Arvest Newsroom

Disaster Preparedness Includes Safeguarding Financial Information

FAYETTEVILLE, Ark. (April 17, 2017) – April showers may bring May flowers, but unfortunately, spring also can bring severe weather that results in disasters like floods, fires and tornadoes.

And while no one wants to think they will be the victim of such a disaster, it’s best to be prepared. Having access to financial and other documents should be part of that preparation.

Below is a list that can serve as a good starting place when it comes to the documents you may need if you’re the victim of a natural disaster.

Note: It is imperative to store this information somewhere secure. That could be at home in a fireproof and waterproof box, at a bank in a safe deposit box, or maybe electronically in a secure cloud-based service. If you choose to store these documents at home, be sure to hide it somewhere out of sight of would-be intruders.

Basic identification – These are documents that can help you identify yourself and your family, your relationships and/or your status.

  • Driver’s license, passport, Social Security card, green card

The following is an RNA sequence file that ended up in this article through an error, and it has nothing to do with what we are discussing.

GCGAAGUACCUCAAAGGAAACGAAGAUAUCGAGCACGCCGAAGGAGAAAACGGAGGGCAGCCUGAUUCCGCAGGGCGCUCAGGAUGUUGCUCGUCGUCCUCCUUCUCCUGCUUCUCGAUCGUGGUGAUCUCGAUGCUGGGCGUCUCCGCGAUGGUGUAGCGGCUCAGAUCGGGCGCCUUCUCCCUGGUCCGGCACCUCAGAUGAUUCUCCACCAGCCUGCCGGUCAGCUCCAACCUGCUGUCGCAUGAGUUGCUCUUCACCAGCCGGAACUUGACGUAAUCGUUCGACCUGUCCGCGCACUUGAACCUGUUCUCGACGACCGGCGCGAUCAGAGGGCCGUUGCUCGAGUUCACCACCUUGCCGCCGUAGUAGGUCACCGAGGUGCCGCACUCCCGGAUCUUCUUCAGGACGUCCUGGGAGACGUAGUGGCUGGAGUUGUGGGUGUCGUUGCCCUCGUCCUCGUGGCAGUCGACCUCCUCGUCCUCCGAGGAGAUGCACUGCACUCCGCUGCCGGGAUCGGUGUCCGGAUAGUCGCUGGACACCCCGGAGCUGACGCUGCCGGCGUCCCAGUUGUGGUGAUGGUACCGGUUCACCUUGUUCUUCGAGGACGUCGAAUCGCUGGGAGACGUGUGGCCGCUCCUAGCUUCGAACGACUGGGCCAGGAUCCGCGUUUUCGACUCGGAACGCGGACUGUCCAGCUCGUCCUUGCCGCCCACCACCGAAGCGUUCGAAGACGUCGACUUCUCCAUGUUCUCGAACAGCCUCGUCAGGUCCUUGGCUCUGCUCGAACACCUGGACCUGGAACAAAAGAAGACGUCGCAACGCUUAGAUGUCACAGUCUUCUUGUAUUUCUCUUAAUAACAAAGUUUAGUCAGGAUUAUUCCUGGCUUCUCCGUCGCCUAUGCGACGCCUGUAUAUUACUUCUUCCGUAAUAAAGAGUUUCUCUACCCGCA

• Vital records such as birth and marriage certificates, adoption papers, etc.

Financial and legal documents – These can help you request assistance from your insurance provider and/or disaster assistance programs.

  • Mortgage documentation, rental or lease agreement, property deed
  • Checking and/or savings account statements, retirement and investment account statements, tax returns, insurance policies, will or trust, power of attorney
  • Vehicle title and registration, loan documents

Medical information

  • Health and dental insurance cards
  • List of prescriptions and any allergies, pharmacy information, contact information for doctors
  • Living will, medical power of attorney

Emergency contact information

  • Employers/supervisors
  • Schools
  • Home repair services such as utilities, plumber, electrician, roofer, etc.
  • Again, once you have compiled this information, it is critical to store it securely. Whether that’s at home in a fireproof and waterproof box, at a bank in a safe deposit box, or electronically in a secure cloud-based service, it needs to be in a place that’s accessible only to you and hidden from would-be thieves.

    Regardless of the means you choose, no one wants to envision a scenario in which they need to access this kind of information due to a natural disaster. Being prepared, however, can provide some measure of comfort.